In like a lion and out like a lamb? Or vice versa? It’s usually a guessing game as to whether our rainy season is over by now or if March Madness wet weather will prevail. Regardless, there is plenty to do in the garden now to enjoy the upcoming spring months and longer days in your outdoor areas.
- Snails and slugs: Take care of the snails and slugs that find their way into your garden before they wreak havoc on plants.
- Spread compost: Spread compost over your garden and turn the soil. We offer 1.5 cu. ft. bags (Sku 72436, $4.99).
- Irrigation planning: If we’re lucky, March will be a rainy month. But it is also a good time to think about upgrading your garden irrigation system to water plants wisely during our dry season. Consider a drip system, soaker hoses, or efficient sprinkler setup that distributes water effectively without wasting this precious resource.
- Prune: After blooms have faded, prune your winter-flowering shrubs. Dormant plants and fruit trees should also be pruned. At the end of the month, prune fuchsias.
- Fertilize: When temperatures warm up, start fertilizing blooming and fruit plants with an all-purpose fertilizer, such as E.B. Stone. (Sku 745032, $7.99) Roses can be fertilized when they begin to leaf out. Feed citrus trees with a high-nitrogen fertilizer that includes iron, such as Citrus Tone (Sku 7208671, $7.49) or E.B. Stone Citrus (Sku 745030, $6.99). An acid fertilizer should be used on camellias, rhododendrons, and azaleas. We offer a fertilizer from E.B. Stone for these plants. (Sku 745033, $7.99)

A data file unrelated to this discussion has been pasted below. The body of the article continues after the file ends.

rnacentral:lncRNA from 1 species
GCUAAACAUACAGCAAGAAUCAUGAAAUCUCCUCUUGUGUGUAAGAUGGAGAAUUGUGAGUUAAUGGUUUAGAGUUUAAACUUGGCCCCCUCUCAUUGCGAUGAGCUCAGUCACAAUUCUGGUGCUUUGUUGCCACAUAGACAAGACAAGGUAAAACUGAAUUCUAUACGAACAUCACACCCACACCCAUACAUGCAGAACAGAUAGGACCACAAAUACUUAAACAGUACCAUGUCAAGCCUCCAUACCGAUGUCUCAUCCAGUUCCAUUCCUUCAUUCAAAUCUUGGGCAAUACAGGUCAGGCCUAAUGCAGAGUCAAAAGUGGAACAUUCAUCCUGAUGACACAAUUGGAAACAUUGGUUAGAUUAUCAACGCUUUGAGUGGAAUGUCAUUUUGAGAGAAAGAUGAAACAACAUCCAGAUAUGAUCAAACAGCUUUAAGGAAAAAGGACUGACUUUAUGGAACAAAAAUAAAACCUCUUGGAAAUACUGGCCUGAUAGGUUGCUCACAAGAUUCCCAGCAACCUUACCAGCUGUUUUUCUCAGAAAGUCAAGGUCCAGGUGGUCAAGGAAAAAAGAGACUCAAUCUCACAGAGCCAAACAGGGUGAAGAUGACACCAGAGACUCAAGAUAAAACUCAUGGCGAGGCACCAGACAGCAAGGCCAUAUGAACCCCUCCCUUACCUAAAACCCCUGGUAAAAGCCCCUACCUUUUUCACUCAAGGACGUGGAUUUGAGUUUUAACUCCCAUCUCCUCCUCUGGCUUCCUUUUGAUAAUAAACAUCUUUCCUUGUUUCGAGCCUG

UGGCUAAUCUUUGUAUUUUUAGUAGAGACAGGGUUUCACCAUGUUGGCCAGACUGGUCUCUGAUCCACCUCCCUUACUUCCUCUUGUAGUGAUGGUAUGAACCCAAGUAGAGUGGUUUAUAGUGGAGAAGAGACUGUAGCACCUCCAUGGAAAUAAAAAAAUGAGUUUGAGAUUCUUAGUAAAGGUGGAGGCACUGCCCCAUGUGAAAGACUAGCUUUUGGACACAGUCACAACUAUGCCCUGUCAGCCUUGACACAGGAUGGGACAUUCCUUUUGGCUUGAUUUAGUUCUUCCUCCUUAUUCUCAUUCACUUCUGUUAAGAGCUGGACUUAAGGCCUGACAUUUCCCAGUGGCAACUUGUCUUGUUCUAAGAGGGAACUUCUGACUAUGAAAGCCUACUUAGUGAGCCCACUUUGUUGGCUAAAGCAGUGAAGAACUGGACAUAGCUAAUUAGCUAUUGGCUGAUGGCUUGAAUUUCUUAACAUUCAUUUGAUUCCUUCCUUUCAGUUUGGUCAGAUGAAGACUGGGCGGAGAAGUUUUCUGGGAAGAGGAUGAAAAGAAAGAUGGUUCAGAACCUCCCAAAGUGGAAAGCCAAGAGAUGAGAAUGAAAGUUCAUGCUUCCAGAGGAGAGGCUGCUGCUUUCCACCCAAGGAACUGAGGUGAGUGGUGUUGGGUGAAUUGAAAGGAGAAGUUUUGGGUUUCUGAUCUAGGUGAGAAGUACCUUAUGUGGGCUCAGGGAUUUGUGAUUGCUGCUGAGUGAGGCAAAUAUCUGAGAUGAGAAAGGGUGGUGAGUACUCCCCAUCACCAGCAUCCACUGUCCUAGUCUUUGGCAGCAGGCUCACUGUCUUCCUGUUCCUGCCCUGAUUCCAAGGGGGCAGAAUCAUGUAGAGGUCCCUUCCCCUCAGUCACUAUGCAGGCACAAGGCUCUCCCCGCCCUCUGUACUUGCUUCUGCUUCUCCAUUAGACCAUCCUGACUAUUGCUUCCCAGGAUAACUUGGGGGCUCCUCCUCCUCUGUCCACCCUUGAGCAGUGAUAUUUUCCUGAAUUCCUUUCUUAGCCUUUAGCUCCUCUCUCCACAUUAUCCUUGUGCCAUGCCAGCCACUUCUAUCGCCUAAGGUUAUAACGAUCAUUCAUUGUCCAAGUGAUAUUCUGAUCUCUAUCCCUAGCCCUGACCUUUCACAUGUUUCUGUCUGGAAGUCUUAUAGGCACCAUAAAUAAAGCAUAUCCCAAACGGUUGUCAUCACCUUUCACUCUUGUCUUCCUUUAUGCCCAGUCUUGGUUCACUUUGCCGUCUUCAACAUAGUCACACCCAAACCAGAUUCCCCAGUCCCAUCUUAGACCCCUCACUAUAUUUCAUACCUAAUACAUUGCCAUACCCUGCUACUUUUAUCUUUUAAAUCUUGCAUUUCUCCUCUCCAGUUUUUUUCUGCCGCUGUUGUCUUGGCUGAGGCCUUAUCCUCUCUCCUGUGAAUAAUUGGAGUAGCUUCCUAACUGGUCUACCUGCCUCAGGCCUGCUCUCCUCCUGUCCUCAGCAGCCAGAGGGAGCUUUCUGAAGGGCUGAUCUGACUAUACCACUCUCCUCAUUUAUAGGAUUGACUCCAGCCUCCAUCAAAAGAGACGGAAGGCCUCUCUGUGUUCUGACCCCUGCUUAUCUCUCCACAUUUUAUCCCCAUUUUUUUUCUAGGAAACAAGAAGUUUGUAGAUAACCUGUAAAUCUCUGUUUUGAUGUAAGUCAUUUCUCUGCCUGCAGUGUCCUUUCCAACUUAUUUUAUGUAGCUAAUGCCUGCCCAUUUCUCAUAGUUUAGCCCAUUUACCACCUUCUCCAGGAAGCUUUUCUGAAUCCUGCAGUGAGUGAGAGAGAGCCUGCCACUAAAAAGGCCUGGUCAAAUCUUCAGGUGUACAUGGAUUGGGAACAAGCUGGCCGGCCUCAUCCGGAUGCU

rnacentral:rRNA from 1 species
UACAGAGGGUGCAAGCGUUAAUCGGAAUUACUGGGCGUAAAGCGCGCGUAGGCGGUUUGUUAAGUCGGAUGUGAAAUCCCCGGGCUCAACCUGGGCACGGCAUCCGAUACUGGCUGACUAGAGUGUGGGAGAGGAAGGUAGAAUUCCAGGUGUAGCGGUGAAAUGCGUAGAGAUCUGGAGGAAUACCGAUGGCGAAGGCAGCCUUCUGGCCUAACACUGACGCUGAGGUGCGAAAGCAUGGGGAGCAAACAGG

- Weed: Pull weeds before they have a chance to set deep roots. If weeds get the opportunity to seed, they will be more troublesome because they will have the opportunity to spread. It’s easiest to weed right after a rainstorm.
- Divide and conquer: This is a great time to divide day lilies, hostas, daisies, chrysanthemums, and lupines.
- Plant vegetables: Hardy seeds, such as radishes, potatoes, spinach, and turnips, can all be planted at this time.
- Summer bulbs: Plant summer bulbs including dahlias, lilies, gladiolus, and begonias.
- Start seedlings indoors: Cardboard egg cartons make ideal seedling starters. Fill each cup with soil and a seed. Once your seedlings sprout, just cut apart the cups and plant—cup and all!
- Annuals: With spring around the corner, you can begin planting annual flowers, including pansies, marigolds, poppies, primroses, calendulas, and alyssum.
See you in the garden!